Judging by discussion at the Historic Preservation Board meeting this week, the Tree of Life sculpture in front of the Faena Forum has a lot of fans. The community enjoys it. Tourists flock to it for photos. And following news it might have to move, City Commissioner John Alemán posted on her Facebook page how much she loves it. The HPB noted its appreciation for the artwork as well but stopped short of allowing it to remain in its location permanently, instead giving it a temporary reprieve and recommending the City Commission amend the code to allow for sculptures as encroachable elements in the Faena Arts Overlay District. Almost immediately, the amendment found a sponsor in Commissioner Alemán.
Owners of the Forum installed the sculpture during this past year’s Art Basel event. The problem: its location does not meet the setback requirements for front yards. The sculpture currently sits on a concrete foundation with a 6’3” setback from the property line along Collins Avenue where the required setback is 20’.
Planning staff recommended moving the sculpture to another location, but the owners told HPB that the Forum’s subterranean parking garage and its roof construction prohibit placing the cement slab any further back from the property line. They were seeking a variance based on hardship given the unique shape of the property which they say makes relocation within the site impossible.
Board members did not feel the situation warranted granting a hardship and worried that doing so would set a precedent for other properties “to push the limit”. The recommendation for a code amendment is in keeping with the vision of the Faena District, which is dedicated to art and the display of art, according to the HPB.
Wyn Bradley said a code amendment “would allow us to give you what everybody wants which is the sculpture to be where it is.”
The Board approved the Certificate of Appropriateness pending an application to and action by the Commission on a code amendment allowing sculptures in the District and then recommended the Commission take it up based on the historic connotation of the Faena District. If passed, the appropriateness of sculptures would still require approval by the HPB but would not require variances and showing hardship for each installation.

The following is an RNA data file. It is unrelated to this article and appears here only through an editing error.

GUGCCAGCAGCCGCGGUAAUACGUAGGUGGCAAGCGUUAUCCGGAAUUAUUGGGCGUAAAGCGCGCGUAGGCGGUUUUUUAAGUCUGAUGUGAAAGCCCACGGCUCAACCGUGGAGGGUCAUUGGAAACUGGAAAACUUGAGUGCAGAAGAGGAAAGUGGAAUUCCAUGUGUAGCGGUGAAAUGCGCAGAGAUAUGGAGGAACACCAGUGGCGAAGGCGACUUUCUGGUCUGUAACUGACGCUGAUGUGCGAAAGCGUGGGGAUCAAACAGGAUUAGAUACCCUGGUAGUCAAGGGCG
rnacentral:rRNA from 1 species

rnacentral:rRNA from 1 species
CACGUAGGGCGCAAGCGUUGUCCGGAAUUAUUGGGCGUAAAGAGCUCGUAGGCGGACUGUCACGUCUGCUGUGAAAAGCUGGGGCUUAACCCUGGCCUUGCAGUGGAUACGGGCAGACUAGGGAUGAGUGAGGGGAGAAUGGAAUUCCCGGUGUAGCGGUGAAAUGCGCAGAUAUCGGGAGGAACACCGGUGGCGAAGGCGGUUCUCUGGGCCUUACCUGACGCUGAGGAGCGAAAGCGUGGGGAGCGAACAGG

Commissioner Alemán said she “immediately fell in love” with the sculpture when she first encountered it at Faena's Tide by Side art processional. “The creativity and the craftsmanship are exceptional. I sincerely hope that we can find a way to make it a permanent part of the Faena Arts District.” She plans to ask the Commission to amend the code “to treat the Faena District as unique, which it certainly is, and allow sculptures in the arts district as allowable encroachable elements.” The location is also special to Alemán, “As a point of coincidence, my husband's family used to own the property where the sculpture now sits when it was the Scott Bryan hotel.”
The 20 foot tall sculpture was created by Studio Job, an internationally recognized design house.
Following up on the other items in our HPB preview story:
Moxy Hotel: The project proposed for the 900 block of Washington Avenue was approved by the HPB. It has already been approved by the Planning Board. Project details.
1601 Drexel Ave: Time Out Market
The owners requested a continuance in order to resolve issues with its neighbors. It is expected to return in March. Project details.
1434 Washington Ave: Clay Hotel
Applicants requested continuance to March after beginning previously permitted repair work that ultimately required minor demolition to replace rotting floors. The application needs to be amended to include a request for after the fact demolition.
Application and variances requested. Details.
Related: 1436 Drexel Ave, the Matanzas Hotel which is part of the Clay Hotel and just West of the main building.
The Board approved the request for a variance to maintain the size of the hotel rooms which are smaller than current code allows. Increasing the size of the rooms in the historic structure would have meant substantial changes in window placement.
Regarding design, members expressed approval for most of the ideas put forth by the owners but struggled with the proposed enclosure of the lobby that has an open entryway. Due to moisture issues, maintaining the interior is difficult and the application before the HPB proposed enclosing the space. Board members expressed their understanding of what is a common issue here but asked the owners and architects to do their best to find a solution that is more in keeping with the historic use of the open entry and, if they can’t, to show they had exhausted all options.
Chairman Stevan Pardo said, “It is clear you are committed to the historical integrity of the buildings you renovate. Before you take that last step, see if there is anything you can think of creatively, outside the box. We’re not asking you to redesign the project. We love the project. We’re asking you to come back.”
The Setai at 2001 Collins Ave was approved to reintroduce retail entrances along Collins Ave. Details.
Tree of Life image: 3420 Collins Ave LLC